The advantages of using Chlorine Dioxide include:
• More effective than chlorine, chloramines, and iodine against Cryptosporidium
• Oxidizes iron, manganese, sulfides.
• Controls taste and odours caused by algae and rotting vegetation, as well as phenolic compounds
• Under proper generation conditions (i.e. no excess chlorine), halogen-substituted Disinfection-By-Products are not formed
• Biocidal properties not affected by pH
• rovides residual for continuing protection
The disadvantages of using Chlorine Dioxide include:
• Forms chlorite and chlorate as by-products of generation and reactions.
• More expensive than chlorine
• Decomposes in sunlight
• It can go boom!
The chlorites can be reduced or removed by the addition of a little ferrous sulfate.
The only practical way to use Chlorine Dioxide in our application is to take advantage of off-the-shelf commercial products, typically designed for treating water in camping and hiking environments or industrial sanitization.
If you will be using surface water and can not boil, distill, or pasteurize, and do not have a filter with a minimum 2 micron absolute pore size, and ideally 1 micron, I would highly recommend getting some of these:
Chlorine dioxide tablets, such as Potable Aqua, $5 for a small bottle, or the Katadyn Micropur MP 1, which come in sealed foil bubble pack and have a 2-3 year shelf life. 30 tablets, with each tablet treating 1L. About $12.00
Klear Water is a one part chlorine dioxide liquid, allegedly the only one in existence, and the 2.7 oz bottle will treat 8.5G. Here are some test reports.
Aqua Mira is a small size, two part Chlorine dioxide treatment for 30 gallons. It is about $11 and is supposed to have a 4 year shelf life.
Another two part liquid product is called Purogene. Also called Oxine. The best prices for smaller bottles are here and a 16oz bottle ($13.80) will treat 640G. Or how about a gallon for $25?
Allegedly, Purogene has a 5 year shelf life because it is a stable chlorine dioxide carrying compound. To activate it a food grade acid (phosphoric, citric, ascorbic, lemon juice, etc) is added and allowed to react with it for 5 minutes to release chlorine dioxide before adding it to the raw water. As noted on one site, 1 oz. of Purogene per 30 gals makes the water safe to drink for five years or longer. Go here for a medical test report on Purogen and a USDA-like report here. Some marketing info follows:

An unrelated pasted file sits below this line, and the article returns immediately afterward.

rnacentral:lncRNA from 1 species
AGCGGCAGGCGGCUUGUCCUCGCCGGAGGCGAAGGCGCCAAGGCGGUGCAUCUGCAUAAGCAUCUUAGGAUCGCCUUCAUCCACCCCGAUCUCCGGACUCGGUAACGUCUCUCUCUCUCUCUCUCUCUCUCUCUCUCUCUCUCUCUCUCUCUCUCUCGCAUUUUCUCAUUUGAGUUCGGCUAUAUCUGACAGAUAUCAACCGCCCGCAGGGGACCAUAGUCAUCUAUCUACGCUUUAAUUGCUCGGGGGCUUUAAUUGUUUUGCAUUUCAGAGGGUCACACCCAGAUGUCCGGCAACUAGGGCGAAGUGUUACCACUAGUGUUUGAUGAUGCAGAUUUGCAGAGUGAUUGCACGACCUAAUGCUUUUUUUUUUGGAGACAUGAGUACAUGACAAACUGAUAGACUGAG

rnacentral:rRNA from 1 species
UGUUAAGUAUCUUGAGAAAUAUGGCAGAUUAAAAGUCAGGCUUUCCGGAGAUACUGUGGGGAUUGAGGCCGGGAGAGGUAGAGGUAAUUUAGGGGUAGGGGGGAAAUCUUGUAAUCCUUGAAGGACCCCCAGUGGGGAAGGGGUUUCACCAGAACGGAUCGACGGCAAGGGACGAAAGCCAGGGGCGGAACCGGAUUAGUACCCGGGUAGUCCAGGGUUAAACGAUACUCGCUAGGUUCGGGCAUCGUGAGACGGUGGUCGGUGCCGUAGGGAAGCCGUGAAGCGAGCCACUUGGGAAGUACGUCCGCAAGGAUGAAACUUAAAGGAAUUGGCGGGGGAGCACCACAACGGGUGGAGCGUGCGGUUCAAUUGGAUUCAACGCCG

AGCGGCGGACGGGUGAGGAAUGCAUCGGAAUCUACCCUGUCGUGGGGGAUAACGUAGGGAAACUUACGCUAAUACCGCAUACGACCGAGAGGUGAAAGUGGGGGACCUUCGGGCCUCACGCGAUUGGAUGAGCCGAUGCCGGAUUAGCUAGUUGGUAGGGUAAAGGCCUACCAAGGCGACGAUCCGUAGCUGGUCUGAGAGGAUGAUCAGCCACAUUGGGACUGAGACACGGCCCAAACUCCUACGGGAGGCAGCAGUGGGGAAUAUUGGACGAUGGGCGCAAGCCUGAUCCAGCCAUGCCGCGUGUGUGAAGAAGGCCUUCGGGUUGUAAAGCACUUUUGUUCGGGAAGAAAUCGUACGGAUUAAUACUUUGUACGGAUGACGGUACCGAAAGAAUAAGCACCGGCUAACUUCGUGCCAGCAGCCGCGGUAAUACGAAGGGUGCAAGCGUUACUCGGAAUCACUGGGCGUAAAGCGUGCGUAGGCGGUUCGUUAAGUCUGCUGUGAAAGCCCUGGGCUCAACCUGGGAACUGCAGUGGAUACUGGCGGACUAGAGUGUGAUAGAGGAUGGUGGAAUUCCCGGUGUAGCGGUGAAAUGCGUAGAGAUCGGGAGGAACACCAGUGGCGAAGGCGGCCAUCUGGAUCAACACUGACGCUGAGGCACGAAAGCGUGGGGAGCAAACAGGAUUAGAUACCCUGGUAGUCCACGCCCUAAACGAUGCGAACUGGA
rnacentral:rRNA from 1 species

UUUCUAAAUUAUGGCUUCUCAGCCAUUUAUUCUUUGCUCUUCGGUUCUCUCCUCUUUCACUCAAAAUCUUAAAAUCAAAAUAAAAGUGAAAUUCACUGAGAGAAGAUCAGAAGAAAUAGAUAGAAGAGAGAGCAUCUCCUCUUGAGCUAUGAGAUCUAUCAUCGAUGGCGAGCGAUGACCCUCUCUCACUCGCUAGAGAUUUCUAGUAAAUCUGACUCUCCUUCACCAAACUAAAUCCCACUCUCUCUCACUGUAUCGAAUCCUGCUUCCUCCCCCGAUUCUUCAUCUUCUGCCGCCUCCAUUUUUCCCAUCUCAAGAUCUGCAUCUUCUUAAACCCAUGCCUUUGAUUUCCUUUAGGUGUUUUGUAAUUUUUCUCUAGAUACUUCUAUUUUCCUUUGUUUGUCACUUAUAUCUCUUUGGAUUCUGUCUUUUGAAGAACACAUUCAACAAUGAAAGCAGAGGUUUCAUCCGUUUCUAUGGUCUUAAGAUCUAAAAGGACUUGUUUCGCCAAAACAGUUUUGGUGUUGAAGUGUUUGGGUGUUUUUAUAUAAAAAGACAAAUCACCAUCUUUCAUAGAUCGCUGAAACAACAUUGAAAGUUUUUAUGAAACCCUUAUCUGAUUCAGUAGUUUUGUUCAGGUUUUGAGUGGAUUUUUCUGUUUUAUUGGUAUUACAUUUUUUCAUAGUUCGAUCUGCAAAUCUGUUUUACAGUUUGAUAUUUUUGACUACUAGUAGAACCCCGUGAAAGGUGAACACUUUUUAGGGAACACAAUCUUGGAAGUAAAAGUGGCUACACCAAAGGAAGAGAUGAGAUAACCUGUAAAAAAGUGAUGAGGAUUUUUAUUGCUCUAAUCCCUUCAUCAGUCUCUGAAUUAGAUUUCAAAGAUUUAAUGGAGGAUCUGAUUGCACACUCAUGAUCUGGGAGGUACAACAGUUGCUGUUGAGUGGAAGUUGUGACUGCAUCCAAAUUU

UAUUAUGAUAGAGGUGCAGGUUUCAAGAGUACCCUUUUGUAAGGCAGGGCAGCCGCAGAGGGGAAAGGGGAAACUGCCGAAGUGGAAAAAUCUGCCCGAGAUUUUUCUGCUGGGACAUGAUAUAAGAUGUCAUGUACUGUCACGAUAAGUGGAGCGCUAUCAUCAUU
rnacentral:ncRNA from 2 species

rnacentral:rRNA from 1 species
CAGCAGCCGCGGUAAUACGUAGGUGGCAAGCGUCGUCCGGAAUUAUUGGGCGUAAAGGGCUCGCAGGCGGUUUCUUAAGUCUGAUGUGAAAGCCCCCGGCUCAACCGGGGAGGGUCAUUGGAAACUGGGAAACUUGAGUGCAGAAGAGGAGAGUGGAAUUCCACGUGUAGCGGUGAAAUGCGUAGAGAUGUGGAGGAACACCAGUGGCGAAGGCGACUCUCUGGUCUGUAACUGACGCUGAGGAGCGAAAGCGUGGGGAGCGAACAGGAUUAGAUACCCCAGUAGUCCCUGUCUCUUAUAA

OXINE AND PUROGENE: For years it has been known that chlorine dioxide gas is a powerful anti-microbial agent however this gas is toxic and unstable in an aqueous solution. Modern technology has overcome these problems with Oxine (North American name) and Purogene (European name). Today, stabilized chlorine dioxide (CLO2) is available in a concentrated stable form with very low toxicity.
As a powerful oxidant, stabilized CLO2 is virtually unaffected by organic load and hard water. These technical advances have resulted in the FDA (reference CFR 178-1010), EPA (registered for food and beverage contact surfaces), USDA (D-2, P-1, 3-D and G-5) and the majority of international authorities approving stabilized CLO2 as an acceptable sanitizer for numerous applications within the brewery, winery, soft drink, dairy and food (meat, fish, fruit and vegetable) processing plants.
ACTIVATION OF CLO2 CONCENTRATE: Since the ClO2 is in a stabilized form in concentrate, it must be "activated" before using. To manually activate Oxine add, in a well ventilated area, a food grade acid such as citric or phosphoric to lower the pH to below 4 pH. A Litmus paper test at 4 pH is a simple method to be sure of activating correctly. Activation can also be verified by a corresponding color change of the concentrate from clear to yellow/green. Keep stirred and let stand for 5 minutes before using. Any number of acids will activate the stabilized ClO2, however, food grade Citric or Phosphoric acid is recommended. Activated ClO2 has a half-life of approximately 48 hours under standard conditions.
STORAGE: Concentrated ClO2 can be stored in a dry, cool area away from acids for up to 3 years under standard conditions.
This section from my Water Report has about 30 links. Too many to go back in and add (I don't know why they don't come over when copying out of Word). If you want the (Free and I'm not selling anything) report send me an e-mail. email@example.com
It is about 95 pages.